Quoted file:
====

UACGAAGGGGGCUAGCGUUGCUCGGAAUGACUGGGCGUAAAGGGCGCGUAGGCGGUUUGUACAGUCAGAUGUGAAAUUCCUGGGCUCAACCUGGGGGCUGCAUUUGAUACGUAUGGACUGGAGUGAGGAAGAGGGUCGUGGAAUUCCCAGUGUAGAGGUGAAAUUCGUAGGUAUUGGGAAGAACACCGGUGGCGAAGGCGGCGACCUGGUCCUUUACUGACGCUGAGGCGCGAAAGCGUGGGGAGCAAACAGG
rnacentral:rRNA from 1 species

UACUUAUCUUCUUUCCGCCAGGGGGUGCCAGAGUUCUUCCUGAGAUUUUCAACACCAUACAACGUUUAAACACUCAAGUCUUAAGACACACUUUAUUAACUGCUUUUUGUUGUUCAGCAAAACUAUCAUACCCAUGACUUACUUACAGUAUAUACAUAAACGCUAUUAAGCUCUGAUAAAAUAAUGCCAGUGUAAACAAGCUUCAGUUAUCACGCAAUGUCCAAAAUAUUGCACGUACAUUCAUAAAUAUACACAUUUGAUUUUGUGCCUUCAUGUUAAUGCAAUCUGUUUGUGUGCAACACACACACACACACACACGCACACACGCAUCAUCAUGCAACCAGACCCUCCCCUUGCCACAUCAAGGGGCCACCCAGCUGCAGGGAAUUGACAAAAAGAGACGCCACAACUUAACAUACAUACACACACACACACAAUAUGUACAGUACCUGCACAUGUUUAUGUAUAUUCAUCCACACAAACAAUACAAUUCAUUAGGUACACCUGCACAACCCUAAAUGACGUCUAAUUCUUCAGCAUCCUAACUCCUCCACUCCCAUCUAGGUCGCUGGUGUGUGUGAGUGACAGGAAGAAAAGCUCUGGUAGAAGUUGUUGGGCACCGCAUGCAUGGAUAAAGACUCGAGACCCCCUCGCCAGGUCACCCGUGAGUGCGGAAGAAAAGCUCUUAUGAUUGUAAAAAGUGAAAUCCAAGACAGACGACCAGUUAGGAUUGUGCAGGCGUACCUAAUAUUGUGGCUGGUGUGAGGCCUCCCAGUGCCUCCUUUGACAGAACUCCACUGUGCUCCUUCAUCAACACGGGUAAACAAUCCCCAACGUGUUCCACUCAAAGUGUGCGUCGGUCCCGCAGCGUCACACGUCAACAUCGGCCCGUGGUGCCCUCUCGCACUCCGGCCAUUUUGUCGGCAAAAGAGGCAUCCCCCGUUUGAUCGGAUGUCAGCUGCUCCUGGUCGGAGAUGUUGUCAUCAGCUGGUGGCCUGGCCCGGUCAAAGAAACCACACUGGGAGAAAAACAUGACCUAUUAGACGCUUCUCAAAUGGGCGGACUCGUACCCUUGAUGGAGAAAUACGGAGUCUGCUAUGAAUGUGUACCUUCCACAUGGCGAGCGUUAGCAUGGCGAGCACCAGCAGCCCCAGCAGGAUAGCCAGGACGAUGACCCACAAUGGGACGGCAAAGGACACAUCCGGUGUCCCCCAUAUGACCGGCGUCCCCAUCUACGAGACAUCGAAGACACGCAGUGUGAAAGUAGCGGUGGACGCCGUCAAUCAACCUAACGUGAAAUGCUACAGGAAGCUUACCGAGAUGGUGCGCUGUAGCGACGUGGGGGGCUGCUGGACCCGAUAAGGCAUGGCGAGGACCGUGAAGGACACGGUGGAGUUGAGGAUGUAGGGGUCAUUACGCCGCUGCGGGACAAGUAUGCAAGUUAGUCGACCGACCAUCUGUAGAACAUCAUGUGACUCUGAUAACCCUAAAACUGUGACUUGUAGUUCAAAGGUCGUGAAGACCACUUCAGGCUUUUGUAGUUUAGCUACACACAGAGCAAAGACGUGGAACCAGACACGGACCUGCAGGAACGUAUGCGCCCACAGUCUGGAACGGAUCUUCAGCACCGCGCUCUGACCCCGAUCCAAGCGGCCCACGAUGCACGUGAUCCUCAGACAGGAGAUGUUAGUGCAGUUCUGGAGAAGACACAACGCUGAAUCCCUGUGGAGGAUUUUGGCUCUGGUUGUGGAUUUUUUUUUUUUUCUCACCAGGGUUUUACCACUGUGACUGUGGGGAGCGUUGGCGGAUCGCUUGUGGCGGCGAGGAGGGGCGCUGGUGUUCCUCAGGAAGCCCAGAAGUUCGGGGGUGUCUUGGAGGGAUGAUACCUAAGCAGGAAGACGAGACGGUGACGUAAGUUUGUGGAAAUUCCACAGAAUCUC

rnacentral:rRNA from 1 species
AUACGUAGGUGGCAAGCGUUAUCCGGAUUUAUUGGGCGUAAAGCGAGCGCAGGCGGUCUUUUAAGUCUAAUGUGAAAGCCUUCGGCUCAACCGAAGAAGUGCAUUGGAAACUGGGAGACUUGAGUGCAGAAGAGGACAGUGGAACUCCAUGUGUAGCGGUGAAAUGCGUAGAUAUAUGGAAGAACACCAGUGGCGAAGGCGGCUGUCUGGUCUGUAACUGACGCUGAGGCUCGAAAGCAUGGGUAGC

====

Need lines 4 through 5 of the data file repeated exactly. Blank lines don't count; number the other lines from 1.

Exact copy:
rnacentral:rRNA from 1 species
AUACGUAGGUGGCAAGCGUUAUCCGGAUUUAUUGGGCGUAAAGCGAGCGCAGGCGGUCUUUUAAGUCUAAUGUGAAAGCCUUCGGCUCAACCGAAGAAGUGCAUUGGAAACUGGGAGACUUGAGUGCAGAAGAGGACAGUGGAACUCCAUGUGUAGCGGUGAAAUGCGUAGAUAUAUGGAAGAACACCAGUGGCGAAGGCGGCUGUCUGGUCUGUAACUGACGCUGAGGCUCGAAAGCAUGGGUAGC